|We must ‘up our game’ to bring guests back|
Published: Jul 20, 2012
Position: Front office manager, Kerzner International
Guardian Business: Can you briefly describe your experience in the tourism sector and what your role is today?
Kaymark: I have worked in [and around] the hospitality industry for about 14 years now. With a passion for what I do, the help of numerous other leaders, and the drive not to give up, I have had the opportunity to chair numerous key positions around the Atlantis property. I am presently the front office manager in the Coral and Beach Towers with responsibilities also for the uniform services department. This basically means that I am specifically responsible for managing some of the key areas [front desk, hotel managers, bellmen, doormen and valet parkers] that are all vitally a part of the guests’ service continuum.
GB: Why did you choose to work in tourism as a career?
Kaymark: This may sound funny, but I actually got my first hotel job [at Sandals Royal Bahamian] after being convinced by two of my sisters to “tag along” while they were going to seek employment. Needless to say, we all were interviewed, but yes, I got the job! I still give them a hard time about this. In addition, growing up in Freeport I was surrounded by those I considered to be my hospitality pioneers, my aunt and uncle. They both worked in a hotel and were really passionate about their careers and the offering of a unique customer experience. There was no doubting this and I saw it every-day and every-time! When I wasn’t assisting with our souvenir business, I spent many of my early childhood years running around the halls of the hotel entertaining the visiting children from all around the world. This was a blast…and I guess this is where the desire initially started.
GB: What has been your most memorable moment?
Kaymark: Wow! This happened sometime in late 1999. I helped a guest that was a having a “real rough break” in life. What I later found out was that his wife had actually left him shortly before he boarded the flight for The Bahamas. The business, which he owned for about five years, was experiencing severe financial challenges. He was thinking about canceling his trip, but decided to come anyway. We actually met during his second night at the hotel; this was after I spoke to his concerned mother on the phone. I visited his room and we sat and talked for hours. His mother had apparently made arrangements for him to return home [one day early] the following day, so I somewhat kept his company until then. He left as planned and we kept in contact with each other for a short time after. But the surprising piece came years later. After signing up to a well-known professional media a few months back, I got an email. After opening and reading the email, I was left in tears. Yes, I will admit it, I cried! This guest, who I had not corresponded with for years, sent me an almost three page email offering thanks for something what I had done almost a decade ago. To me, this was magical! He shared how the experience was a “memorable moment” in his life and what I done for him is something that he will never forget.
GB: Has the industry changed since you started your career? How?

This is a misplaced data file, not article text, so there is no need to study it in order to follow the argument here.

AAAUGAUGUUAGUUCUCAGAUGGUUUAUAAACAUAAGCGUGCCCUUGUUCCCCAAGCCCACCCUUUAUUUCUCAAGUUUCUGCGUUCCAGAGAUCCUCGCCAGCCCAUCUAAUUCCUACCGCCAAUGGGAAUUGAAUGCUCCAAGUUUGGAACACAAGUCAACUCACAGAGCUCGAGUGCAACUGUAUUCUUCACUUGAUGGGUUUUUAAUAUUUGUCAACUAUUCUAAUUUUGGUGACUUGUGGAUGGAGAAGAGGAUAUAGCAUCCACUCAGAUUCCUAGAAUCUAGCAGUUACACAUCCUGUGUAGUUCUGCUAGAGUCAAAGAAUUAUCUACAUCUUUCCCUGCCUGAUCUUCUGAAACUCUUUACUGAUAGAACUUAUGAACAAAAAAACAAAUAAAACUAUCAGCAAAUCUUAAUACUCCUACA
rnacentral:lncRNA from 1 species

Kaymark: Yes, I think the industry has significantly changed from when I first started sometime back. One intricate change that stands out right now is the introduction and alarming use of the social media sites. In this new Internet age many discerning visitors have the opportunity to research unique destinations themselves, simply by the click of a mouse. Years ago, many travelers depended on the use of a travel agency. However, in today’s era, travel agents [and agencies] are becoming lost like the age of the dinosaurs. What we are finding is that more and more guests are now doing the research and reading through the reviews themselves. Which is great, but only if/when we, as Bahamians, consistently live up to expectations of our visitors. Why? Before the social media, if a visitor had a negative experience on our shores, he/she possibly told about eight to 10 friends or family members. However, after the introduction of the social and other travel sites, returning visitors have the opportunity to share their experiences [good or bad] with millions. Not only in their country, but around the world. This means we have to “up our service game plan” and get serious about getting the visitors experience right the first time around.
GB: What should The Bahamas focus on to stay competitive?
Kaymark: Becoming a service driven culture. This starts firstly with us respecting each other and then our visitors. We cannot be selective in our service offering by doing for one half and not the other. We have to drive the service continuum through getting each other to understand the one thing that significantly separates what we have to offer different from all the other Caribbean countries. It is not our large well maintained hotels, great attractions, clean beaches, climate or location. It is simply our hospitality! Don’t get me wrong, having these physical entities are important; however, if we cannot deliver on the expected level of service consistently and sincerely, what we would have are modern, sheik, stylish and empty hotel rooms. This is not a good sign for anyone! We have been leading the competitive market in this arena for some time now and if we want to remain a viable tourist destination, as I noted earlier, it’s all going to come down to how we treat each other and how we treat our guests/visitors in return.